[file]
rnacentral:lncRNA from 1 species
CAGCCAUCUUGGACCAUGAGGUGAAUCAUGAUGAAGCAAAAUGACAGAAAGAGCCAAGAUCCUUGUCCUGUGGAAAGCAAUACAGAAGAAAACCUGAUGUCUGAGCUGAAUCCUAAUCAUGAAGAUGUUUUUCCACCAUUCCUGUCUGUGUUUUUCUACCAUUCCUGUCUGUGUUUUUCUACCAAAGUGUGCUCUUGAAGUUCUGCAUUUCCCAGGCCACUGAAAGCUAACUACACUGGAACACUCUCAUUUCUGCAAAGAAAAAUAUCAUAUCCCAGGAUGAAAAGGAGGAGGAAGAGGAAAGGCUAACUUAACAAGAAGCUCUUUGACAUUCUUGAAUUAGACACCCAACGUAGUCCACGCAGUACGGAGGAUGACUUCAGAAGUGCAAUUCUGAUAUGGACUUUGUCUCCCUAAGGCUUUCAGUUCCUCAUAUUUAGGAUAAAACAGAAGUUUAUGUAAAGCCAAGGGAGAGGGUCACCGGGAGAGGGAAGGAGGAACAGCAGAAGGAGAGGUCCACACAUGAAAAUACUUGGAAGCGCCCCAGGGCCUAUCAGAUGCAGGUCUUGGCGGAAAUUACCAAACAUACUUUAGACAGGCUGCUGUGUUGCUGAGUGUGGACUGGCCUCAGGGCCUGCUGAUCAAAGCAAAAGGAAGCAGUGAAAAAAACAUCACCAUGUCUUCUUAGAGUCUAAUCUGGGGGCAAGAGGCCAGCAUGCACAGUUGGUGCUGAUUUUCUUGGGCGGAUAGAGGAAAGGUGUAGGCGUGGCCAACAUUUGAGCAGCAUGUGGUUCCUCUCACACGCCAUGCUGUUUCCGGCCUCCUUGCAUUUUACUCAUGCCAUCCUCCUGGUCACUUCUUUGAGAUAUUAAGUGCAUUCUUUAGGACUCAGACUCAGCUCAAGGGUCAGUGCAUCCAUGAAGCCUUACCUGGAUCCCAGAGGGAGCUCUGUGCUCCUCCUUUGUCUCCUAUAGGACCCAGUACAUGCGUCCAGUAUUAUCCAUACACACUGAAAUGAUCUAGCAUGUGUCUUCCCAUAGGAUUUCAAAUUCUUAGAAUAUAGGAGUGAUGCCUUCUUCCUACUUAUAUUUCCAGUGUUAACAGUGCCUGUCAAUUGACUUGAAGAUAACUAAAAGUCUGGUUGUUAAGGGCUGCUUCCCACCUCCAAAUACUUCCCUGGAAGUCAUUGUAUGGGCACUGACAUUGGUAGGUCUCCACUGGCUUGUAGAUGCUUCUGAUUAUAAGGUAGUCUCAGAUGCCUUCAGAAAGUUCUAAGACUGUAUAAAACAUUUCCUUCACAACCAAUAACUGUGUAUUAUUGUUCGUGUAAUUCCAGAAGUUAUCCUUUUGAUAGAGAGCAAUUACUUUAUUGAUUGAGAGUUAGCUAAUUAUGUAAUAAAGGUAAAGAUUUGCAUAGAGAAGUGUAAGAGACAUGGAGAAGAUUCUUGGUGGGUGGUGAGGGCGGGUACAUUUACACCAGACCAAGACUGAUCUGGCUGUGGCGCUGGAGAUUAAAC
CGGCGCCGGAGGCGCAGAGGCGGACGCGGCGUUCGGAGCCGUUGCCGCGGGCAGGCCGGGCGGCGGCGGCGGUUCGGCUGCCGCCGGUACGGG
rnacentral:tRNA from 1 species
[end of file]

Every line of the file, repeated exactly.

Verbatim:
rnacentral:lncRNA from 1 species
CAGCCAUCUUGGACCAUGAGGUGAAUCAUGAUGAAGCAAAAUGACAGAAAGAGCCAAGAUCCUUGUCCUGUGGAAAGCAAUACAGAAGAAAACCUGAUGUCUGAGCUGAAUCCUAAUCAUGAAGAUGUUUUUCCACCAUUCCUGUCUGUGUUUUUCUACCAUUCCUGUCUGUGUUUUUCUACCAAAGUGUGCUCUUGAAGUUCUGCAUUUCCCAGGCCACUGAAAGCUAACUACACUGGAACACUCUCAUUUCUGCAAAGAAAAAUAUCAUAUCCCAGGAUGAAAAGGAGGAGGAAGAGGAAAGGCUAACUUAACAAGAAGCUCUUUGACAUUCUUGAAUUAGACACCCAACGUAGUCCACGCAGUACGGAGGAUGACUUCAGAAGUGCAAUUCUGAUAUGGACUUUGUCUCCCUAAGGCUUUCAGUUCCUCAUAUUUAGGAUAAAACAGAAGUUUAUGUAAAGCCAAGGGAGAGGGUCACCGGGAGAGGGAAGGAGGAACAGCAGAAGGAGAGGUCCACACAUGAAAAUACUUGGAAGCGCCCCAGGGCCUAUCAGAUGCAGGUCUUGGCGGAAAUUACCAAACAUACUUUAGACAGGCUGCUGUGUUGCUGAGUGUGGACUGGCCUCAGGGCCUGCUGAUCAAAGCAAAAGGAAGCAGUGAAAAAAACAUCACCAUGUCUUCUUAGAGUCUAAUCUGGGGGCAAGAGGCCAGCAUGCACAGUUGGUGCUGAUUUUCUUGGGCGGAUAGAGGAAAGGUGUAGGCGUGGCCAACAUUUGAGCAGCAUGUGGUUCCUCUCACACGCCAUGCUGUUUCCGGCCUCCUUGCAUUUUACUCAUGCCAUCCUCCUGGUCACUUCUUUGAGAUAUUAAGUGCAUUCUUUAGGACUCAGACUCAGCUCAAGGGUCAGUGCAUCCAUGAAGCCUUACCUGGAUCCCAGAGGGAGCUCUGUGCUCCUCCUUUGUCUCCUAUAGGACCCAGUACAUGCGUCCAGUAUUAUCCAUACACACUGAAAUGAUCUAGCAUGUGUCUUCCCAUAGGAUUUCAAAUUCUUAGAAUAUAGGAGUGAUGCCUUCUUCCUACUUAUAUUUCCAGUGUUAACAGUGCCUGUCAAUUGACUUGAAGAUAACUAAAAGUCUGGUUGUUAAGGGCUGCUUCCCACCUCCAAAUACUUCCCUGGAAGUCAUUGUAUGGGCACUGACAUUGGUAGGUCUCCACUGGCUUGUAGAUGCUUCUGAUUAUAAGGUAGUCUCAGAUGCCUUCAGAAAGUUCUAAGACUGUAUAAAACAUUUCCUUCACAACCAAUAACUGUGUAUUAUUGUUCGUGUAAUUCCAGAAGUUAUCCUUUUGAUAGAGAGCAAUUACUUUAUUGAUUGAGAGUUAGCUAAUUAUGUAAUAAAGGUAAAGAUUUGCAUAGAGAAGUGUAAGAGACAUGGAGAAGAUUCUUGGUGGGUGGUGAGGGCGGGUACAUUUACACCAGACCAAGACUGAUCUGGCUGUGGCGCUGGAGAUUAAAC
CGGCGCCGGAGGCGCAGAGGCGGACGCGGCGUUCGGAGCCGUUGCCGCGGGCAGGCCGGGCGGCGGCGGCGGUUCGGCUGCCGCCGGUACGGG
rnacentral:tRNA from 1 species